Navigation Links
Depression model leaves mice with molecular scar

In addition to triggering a depression-like social withdrawal syndrome, repeated defeat by dominant animals leaves a mouse with an enduring "molecular scar" in its brain that could help to explain why depression is so difficult to cure, suggest researchers funded by the National Institutes of Health's (NIH) National Institute of Mental Health (NIMH).

In mice exposed to this animal model of depression, silencer molecules turned off a gene for a key protein in the brain's hippocampus. By activating a compensatory mechanism, an antidepressant temporarily restored the animals' sociability and the protein's expression, but it failed to remove the silencers. A true cure for depression would likely have to target this persistent stress-induced scar, say the researchers, led by Eric Nestler, M.D., The University of Texas Southwestern Medical Center, who report on their findings online in Nature Neuroscience during the week of February 26, 2005.

"Our study provides insight into how chronic stress triggers changes in the brain that are much more long-lived than the effects of existing antidepressants," explained Nestler.

Mice exposed to aggression by a different dominant mouse daily for 10 days became socially defeated; they vigorously avoided other mice, even weeks later. Expression of a representative gene in the hippocampus, a memory hub implicated in depression, plummeted three-fold and remained suppressed for weeks. However, chronic treatment with an antidepressant (the tricyclic imipramine) restored expression of the gene for brain derived neurotrophic factor (BDNF) to normal levels and reversed the social withdrawal behavior. BDNF in the hippocampus has been linked to memory, learning and depression, but Nestler said social defeat stress probably similarly affects other genes there as well.

The researchers pinpointed how social defeat changes the BDNF gene's internal machinery. They traced the gene expression changes to long-lasting mo difications in histones, proteins that regulate the turning on-and-off of genes via a process called methylation. Methyl groups, the silencer molecules, attach themselves to the histones, turning off the gene. Notably, imipramine was unable to remove these silencer molecules, suggesting that they remained a latent source of vulnerability to future depression-like responses to stress.

Imipramine reversed the suppressed BDNF gene expression by triggering a compensatory mechanism, acetylation, in which molecular activators attach themselves to the gene and overcome the silencer molecules. Imipramine turned off an enzyme (Hdac5) that degrades the activators, allowing them to accumulate.

"The molecular scar induced by chronic stress in the hippocampus, and perhaps elsewhere in the brain, can't be easily reversed," said Nestler. "To really cure depression, we probably need to find new treatments that can remove the silencer molecules."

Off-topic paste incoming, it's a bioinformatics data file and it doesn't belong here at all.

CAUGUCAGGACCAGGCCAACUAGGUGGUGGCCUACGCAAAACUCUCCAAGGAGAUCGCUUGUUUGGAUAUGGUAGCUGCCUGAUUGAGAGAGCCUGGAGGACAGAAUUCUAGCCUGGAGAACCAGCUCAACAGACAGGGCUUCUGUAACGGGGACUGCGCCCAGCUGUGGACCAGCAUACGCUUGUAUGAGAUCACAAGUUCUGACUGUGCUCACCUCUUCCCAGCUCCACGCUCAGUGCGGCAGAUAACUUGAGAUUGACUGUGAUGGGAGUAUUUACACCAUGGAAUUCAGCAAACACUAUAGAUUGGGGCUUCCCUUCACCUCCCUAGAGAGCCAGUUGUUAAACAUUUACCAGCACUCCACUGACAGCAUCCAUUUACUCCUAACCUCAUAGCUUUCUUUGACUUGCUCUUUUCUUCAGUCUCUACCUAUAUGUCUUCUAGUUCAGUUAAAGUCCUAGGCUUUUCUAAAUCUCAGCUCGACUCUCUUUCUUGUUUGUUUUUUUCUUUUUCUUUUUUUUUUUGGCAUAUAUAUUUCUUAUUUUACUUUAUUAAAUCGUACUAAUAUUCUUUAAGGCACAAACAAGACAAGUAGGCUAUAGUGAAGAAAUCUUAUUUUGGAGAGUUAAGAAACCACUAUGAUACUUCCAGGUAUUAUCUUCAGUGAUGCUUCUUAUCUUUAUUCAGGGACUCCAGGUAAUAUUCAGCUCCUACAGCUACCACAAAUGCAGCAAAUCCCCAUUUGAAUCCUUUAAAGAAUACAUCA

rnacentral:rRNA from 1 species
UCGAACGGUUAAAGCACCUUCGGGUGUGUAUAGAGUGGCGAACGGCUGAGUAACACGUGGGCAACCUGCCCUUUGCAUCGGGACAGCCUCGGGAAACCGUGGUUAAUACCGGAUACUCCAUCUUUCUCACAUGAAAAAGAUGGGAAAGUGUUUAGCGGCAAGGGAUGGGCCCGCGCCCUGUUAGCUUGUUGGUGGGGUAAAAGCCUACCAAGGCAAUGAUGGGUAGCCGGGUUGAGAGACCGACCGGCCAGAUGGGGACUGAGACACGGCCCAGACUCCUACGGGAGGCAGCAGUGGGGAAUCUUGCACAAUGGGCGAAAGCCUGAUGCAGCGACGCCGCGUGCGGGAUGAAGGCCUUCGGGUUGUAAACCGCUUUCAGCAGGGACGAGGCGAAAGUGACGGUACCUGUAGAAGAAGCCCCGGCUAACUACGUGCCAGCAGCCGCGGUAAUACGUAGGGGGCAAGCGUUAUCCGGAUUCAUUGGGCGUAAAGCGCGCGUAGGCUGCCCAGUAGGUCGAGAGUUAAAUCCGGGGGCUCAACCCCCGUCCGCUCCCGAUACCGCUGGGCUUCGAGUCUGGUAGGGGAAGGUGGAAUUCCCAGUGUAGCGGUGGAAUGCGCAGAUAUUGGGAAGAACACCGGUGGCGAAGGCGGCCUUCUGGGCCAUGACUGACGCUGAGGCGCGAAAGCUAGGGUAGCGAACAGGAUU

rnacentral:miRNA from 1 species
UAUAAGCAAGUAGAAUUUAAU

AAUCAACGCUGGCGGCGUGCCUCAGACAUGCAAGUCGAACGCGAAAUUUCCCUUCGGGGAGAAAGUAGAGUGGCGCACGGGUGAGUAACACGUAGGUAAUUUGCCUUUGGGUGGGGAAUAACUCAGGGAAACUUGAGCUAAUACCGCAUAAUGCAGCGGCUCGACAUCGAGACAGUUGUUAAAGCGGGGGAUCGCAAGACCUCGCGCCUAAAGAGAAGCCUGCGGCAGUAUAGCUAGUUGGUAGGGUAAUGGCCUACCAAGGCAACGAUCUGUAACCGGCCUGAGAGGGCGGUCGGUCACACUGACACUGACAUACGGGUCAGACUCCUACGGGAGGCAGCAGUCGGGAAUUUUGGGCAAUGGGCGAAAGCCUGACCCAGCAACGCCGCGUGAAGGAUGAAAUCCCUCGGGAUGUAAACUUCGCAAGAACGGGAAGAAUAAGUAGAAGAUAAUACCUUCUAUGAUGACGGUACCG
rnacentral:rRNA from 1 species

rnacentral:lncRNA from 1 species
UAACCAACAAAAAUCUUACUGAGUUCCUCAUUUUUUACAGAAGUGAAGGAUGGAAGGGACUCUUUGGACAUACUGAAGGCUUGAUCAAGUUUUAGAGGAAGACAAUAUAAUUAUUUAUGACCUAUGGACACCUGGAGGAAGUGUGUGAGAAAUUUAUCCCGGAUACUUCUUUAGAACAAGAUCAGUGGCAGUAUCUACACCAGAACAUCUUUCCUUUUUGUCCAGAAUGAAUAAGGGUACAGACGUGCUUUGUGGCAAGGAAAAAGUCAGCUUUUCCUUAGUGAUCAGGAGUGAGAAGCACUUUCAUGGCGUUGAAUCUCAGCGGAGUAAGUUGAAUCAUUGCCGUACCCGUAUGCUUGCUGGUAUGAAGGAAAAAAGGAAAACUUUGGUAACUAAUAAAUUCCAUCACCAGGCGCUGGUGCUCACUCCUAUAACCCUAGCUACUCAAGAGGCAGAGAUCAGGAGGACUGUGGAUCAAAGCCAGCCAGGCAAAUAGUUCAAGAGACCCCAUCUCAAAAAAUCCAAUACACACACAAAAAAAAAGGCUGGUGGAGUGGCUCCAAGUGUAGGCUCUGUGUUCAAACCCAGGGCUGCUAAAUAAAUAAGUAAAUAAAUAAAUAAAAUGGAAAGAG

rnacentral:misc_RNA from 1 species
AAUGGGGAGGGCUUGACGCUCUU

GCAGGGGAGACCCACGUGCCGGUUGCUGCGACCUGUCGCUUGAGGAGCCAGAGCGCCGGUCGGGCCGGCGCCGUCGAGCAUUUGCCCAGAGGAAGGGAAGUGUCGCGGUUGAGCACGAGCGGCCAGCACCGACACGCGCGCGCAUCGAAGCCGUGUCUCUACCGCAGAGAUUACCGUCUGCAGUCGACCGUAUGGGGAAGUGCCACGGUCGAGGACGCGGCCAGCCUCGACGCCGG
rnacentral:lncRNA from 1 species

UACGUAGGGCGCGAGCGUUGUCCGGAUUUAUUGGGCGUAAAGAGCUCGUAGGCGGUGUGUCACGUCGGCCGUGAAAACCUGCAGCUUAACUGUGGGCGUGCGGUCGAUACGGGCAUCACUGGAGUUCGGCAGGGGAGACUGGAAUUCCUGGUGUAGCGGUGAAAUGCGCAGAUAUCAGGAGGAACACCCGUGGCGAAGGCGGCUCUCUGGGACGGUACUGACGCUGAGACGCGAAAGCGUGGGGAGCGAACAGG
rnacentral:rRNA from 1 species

'"/>

Source:NIH/National Institute of Mental Health


Related biology news :

1. Depression gene may weaken mood-regulating circuit
2. Scientists identify new model Of NK cell development
3. Genrate: a generative model that finds and scores new genes and exons in genomic microarray data
4. Molecular models advance the fight against malaria
5. NYU and MSKCC research provides model for understanding chemically induced cancer initiation
6. Genetic therapy reverses nervous system damage in animal model of inherited human disease
7. Disease progression model of pancreatic cancer developed by Penn researchers
8. A new way to share models of biological systems
9. Understanding biases in epidemic models important when making public health predictions
10. Climate model links higher temperatures to prehistoric extinction
11. Gene therapy advance treats hemophilia in mouse models
Post Your Comments:
*Name:
*Comment:
*Email:


(Date:2/13/2017)... Former 9/11 Commission border counsel and Special ... Kephart of Identity Strategy Partners, LLP, today releases ... "Executive Order: Protecting the Nation From Foreign Terrorist Entry ... "As President Trump,s ,Travel Ban, Executive Order gains more ... the travel ban, it is important that our national ...
(Date:2/8/2017)... 2017 About Voice Recognition Biometrics Voice recognition ... against a stored voiceprint template. Acoustic features of ... tone are compared to distinguish between individual voices. ... most PCs already have a microphone and can ... biometrics are most likely to be deployed in ...
(Date:2/8/2017)... 7, 2017 The biometrics market has ... confluence of organizations, desires to better authenticate or ... (password and challenge questions), biometrics is quickly working ... The market is driven by use cases, though ... and enterprise uses cases, with consumer-facing use cases ...
Breaking Biology News(10 mins):
(Date:2/23/2017)... , Feb. 23, 2017  Capricor Therapeutics, Inc. (NASDAQ: ... other medical conditions, today announced that Linda Marbán, Ph.D, president ... upcoming investor conferences: Cowen and Company ... 10:00 am ET Boston, MA ... at 9:00 am PT (12:00 pm ET) Dana ...
(Date:2/23/2017)... USA, and CARDIFF, UK (PRWEB) , ... February ... ... international society for optics and photonics , have been named Fellows of the ... significant scientific and technical contributions in the multidisciplinary fields of optics, photonics, and ...
(Date:2/22/2017)... ... ... Park Systems , a leader in Atomic Force Microscopy (AFM) since ... attendees and Park customers on Feb. 27, 2017 from 12-2pm at Morton’s The Steakhouse ... The luncheon will feature a talk on Automated AFM for Small-Scale and Large-Scale Surface ...
(Date:2/22/2017)... Fort Washington, PA (PRWEB) , ... ... ... The Omnia-Prova Education Collaborative (TOPEC), the leading medical education provider of ... Accreditation with Commendation by the Accreditation Council for Continuing Medical Education (ACCME). ...
Breaking Biology Technology: